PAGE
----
When it comes to scale, revoking probation might pale in comparison to the punishments someone like Marion Barry has faced. But the former D.C. mayor could face jail time (once again) after a ruling yesterday by Chief Judge Thomas Hogan of D.C.’s federal court. Hogan's opinion overturned Magistrate Judge Deborah Robinson's March decision barring federal prosecutors from revoking his parole when they weren't charging him with another crime.
Barry, currently a D.C. Councilman, pleaded guilty in October 2005 to two misdemeanor charges for failing to pay his taxes five years in a row. But when he failed to file his 2005 taxes by the deadline, prosecutors asked Robinson to yank his parole and send Barry to jail.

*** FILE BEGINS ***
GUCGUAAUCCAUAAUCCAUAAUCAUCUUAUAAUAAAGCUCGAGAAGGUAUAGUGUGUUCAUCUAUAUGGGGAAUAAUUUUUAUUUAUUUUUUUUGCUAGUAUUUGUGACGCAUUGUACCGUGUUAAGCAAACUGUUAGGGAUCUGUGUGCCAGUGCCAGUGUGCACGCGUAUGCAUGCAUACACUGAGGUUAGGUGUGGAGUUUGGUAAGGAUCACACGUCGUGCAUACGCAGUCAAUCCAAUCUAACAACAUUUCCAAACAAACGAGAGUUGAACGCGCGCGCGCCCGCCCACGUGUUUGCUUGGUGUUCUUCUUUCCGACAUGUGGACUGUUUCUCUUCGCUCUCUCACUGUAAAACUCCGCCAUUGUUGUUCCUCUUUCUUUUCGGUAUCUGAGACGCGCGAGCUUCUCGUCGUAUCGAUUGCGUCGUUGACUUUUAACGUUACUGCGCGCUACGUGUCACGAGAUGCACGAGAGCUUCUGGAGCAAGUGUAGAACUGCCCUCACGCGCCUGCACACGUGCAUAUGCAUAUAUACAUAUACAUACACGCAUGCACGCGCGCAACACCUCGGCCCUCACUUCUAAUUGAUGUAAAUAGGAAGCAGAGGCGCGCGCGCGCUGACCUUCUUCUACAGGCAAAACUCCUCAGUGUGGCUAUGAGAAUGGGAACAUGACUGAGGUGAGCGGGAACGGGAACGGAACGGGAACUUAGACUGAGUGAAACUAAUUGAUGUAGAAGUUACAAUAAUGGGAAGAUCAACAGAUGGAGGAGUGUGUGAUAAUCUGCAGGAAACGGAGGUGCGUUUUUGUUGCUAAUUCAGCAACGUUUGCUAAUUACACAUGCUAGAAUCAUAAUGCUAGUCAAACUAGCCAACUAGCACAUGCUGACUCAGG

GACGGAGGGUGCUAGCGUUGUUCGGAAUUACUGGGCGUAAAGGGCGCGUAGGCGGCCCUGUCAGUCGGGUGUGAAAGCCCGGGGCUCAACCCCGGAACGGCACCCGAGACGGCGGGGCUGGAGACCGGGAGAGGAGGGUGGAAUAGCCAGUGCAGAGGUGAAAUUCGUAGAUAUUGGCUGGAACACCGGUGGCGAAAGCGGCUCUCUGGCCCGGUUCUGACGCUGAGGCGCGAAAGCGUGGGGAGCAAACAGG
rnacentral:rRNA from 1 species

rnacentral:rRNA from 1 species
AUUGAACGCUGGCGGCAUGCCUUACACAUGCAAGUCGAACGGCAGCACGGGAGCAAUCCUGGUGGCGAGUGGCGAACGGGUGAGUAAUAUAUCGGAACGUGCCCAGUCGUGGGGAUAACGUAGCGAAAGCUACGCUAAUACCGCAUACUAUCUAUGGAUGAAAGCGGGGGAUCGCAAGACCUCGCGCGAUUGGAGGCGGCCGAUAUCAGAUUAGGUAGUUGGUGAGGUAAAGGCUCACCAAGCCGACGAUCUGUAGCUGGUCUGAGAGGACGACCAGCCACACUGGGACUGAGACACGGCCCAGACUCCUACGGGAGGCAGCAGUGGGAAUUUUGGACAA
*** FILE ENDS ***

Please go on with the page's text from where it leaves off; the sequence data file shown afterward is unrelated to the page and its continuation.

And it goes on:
Robinson argued that Barry's parole could only be revoked if the Probation Office asked. But Hogan wrote that such logic was "misplaced." The case will go back to Robinson for reconsideration.